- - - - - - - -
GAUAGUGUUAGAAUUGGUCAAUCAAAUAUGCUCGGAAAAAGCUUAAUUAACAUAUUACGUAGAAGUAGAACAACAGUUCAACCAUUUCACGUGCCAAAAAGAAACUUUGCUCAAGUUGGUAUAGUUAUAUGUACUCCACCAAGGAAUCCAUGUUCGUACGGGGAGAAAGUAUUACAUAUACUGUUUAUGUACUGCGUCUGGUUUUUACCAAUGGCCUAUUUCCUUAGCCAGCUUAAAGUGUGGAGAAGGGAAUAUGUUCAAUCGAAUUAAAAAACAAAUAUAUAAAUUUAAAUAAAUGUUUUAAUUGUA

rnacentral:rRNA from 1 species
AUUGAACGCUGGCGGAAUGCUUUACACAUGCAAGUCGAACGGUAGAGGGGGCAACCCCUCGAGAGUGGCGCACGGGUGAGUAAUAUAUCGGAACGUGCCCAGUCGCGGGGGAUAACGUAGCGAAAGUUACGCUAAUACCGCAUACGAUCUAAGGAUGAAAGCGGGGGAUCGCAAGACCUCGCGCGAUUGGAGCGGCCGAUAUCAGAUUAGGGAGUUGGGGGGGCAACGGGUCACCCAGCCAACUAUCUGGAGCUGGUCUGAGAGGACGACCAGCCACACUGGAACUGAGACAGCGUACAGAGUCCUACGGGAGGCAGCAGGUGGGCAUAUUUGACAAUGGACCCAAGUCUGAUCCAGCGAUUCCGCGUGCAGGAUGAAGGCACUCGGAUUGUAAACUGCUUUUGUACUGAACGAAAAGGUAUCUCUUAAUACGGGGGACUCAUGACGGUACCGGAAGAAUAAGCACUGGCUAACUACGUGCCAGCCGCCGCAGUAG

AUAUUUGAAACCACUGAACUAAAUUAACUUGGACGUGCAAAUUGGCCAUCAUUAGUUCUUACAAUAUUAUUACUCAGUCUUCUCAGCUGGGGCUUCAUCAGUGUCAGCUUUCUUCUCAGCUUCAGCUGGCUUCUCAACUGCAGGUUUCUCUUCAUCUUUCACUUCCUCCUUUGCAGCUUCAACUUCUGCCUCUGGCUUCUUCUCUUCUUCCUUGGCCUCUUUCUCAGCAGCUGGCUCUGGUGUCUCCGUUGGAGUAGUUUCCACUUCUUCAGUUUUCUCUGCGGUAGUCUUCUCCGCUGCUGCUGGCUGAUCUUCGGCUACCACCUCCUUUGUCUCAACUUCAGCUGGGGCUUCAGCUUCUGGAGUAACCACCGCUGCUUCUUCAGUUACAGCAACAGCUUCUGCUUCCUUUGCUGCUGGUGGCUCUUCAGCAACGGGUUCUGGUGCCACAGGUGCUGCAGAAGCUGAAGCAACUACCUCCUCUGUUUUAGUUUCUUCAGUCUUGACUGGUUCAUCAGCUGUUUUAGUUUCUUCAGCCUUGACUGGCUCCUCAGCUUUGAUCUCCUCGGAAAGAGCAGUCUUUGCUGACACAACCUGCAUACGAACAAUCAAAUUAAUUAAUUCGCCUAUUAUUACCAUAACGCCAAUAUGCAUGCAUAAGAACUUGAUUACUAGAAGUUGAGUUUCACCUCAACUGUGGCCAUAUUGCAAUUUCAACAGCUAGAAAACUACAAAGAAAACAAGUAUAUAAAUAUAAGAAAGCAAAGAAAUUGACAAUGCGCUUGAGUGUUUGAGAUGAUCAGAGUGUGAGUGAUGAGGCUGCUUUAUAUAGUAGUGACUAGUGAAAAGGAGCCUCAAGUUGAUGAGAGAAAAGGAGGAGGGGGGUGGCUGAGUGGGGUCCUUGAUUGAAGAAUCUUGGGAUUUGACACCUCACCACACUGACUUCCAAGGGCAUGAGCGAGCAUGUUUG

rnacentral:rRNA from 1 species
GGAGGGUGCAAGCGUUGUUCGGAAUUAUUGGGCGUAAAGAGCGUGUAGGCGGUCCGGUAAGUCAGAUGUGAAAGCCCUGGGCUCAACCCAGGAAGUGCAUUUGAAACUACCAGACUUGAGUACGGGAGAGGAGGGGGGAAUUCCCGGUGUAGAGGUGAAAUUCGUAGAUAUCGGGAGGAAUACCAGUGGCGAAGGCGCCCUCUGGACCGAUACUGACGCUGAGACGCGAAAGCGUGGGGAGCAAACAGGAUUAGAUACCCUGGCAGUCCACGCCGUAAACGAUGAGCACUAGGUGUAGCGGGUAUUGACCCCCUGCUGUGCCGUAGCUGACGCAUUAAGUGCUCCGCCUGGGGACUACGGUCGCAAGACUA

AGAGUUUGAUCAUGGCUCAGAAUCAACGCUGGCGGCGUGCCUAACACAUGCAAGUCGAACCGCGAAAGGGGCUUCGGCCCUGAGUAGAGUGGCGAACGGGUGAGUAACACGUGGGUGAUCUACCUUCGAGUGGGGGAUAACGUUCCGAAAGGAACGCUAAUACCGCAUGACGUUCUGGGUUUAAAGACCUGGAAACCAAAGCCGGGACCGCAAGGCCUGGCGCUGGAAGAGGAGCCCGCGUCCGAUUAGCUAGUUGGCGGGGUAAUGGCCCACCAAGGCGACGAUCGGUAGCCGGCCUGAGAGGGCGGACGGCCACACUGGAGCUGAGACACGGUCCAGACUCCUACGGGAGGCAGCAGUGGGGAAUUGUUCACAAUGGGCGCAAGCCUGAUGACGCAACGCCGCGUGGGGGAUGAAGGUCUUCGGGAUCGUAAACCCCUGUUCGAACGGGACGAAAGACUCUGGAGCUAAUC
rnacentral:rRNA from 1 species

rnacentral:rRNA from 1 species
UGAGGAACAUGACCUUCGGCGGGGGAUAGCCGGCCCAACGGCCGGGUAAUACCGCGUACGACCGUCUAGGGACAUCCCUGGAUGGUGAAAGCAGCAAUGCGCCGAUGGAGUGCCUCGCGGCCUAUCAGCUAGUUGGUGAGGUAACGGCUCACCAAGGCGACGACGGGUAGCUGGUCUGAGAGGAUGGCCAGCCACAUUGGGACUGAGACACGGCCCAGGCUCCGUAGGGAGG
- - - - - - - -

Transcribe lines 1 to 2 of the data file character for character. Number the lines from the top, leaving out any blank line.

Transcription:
GAUAGUGUUAGAAUUGGUCAAUCAAAUAUGCUCGGAAAAAGCUUAAUUAACAUAUUACGUAGAAGUAGAACAACAGUUCAACCAUUUCACGUGCCAAAAAGAAACUUUGCUCAAGUUGGUAUAGUUAUAUGUACUCCACCAAGGAAUCCAUGUUCGUACGGGGAGAAAGUAUUACAUAUACUGUUUAUGUACUGCGUCUGGUUUUUACCAAUGGCCUAUUUCCUUAGCCAGCUUAAAGUGUGGAGAAGGGAAUAUGUUCAAUCGAAUUAAAAAACAAAUAUAUAAAUUUAAAUAAAUGUUUUAAUUGUA

rnacentral:rRNA from 1 species